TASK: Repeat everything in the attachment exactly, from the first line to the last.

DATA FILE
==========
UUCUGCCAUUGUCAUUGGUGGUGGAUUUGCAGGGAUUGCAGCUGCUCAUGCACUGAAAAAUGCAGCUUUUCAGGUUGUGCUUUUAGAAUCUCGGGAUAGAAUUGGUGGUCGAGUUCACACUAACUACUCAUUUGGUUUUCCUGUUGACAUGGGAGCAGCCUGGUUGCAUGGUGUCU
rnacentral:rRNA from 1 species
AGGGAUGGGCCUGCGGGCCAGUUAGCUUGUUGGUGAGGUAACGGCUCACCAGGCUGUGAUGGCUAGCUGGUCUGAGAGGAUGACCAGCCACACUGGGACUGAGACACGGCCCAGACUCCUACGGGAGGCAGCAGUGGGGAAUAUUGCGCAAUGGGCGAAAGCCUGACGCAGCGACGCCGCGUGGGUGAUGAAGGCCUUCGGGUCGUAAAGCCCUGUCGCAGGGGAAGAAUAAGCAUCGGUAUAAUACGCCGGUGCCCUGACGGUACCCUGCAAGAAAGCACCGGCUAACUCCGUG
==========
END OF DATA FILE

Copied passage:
UUCUGCCAUUGUCAUUGGUGGUGGAUUUGCAGGGAUUGCAGCUGCUCAUGCACUGAAAAAUGCAGCUUUUCAGGUUGUGCUUUUAGAAUCUCGGGAUAGAAUUGGUGGUCGAGUUCACACUAACUACUCAUUUGGUUUUCCUGUUGACAUGGGAGCAGCCUGGUUGCAUGGUGUCU
rnacentral:rRNA from 1 species
AGGGAUGGGCCUGCGGGCCAGUUAGCUUGUUGGUGAGGUAACGGCUCACCAGGCUGUGAUGGCUAGCUGGUCUGAGAGGAUGACCAGCCACACUGGGACUGAGACACGGCCCAGACUCCUACGGGAGGCAGCAGUGGGGAAUAUUGCGCAAUGGGCGAAAGCCUGACGCAGCGACGCCGCGUGGGUGAUGAAGGCCUUCGGGUCGUAAAGCCCUGUCGCAGGGGAAGAAUAAGCAUCGGUAUAAUACGCCGGUGCCCUGACGGUACCCUGCAAGAAAGCACCGGCUAACUCCGUG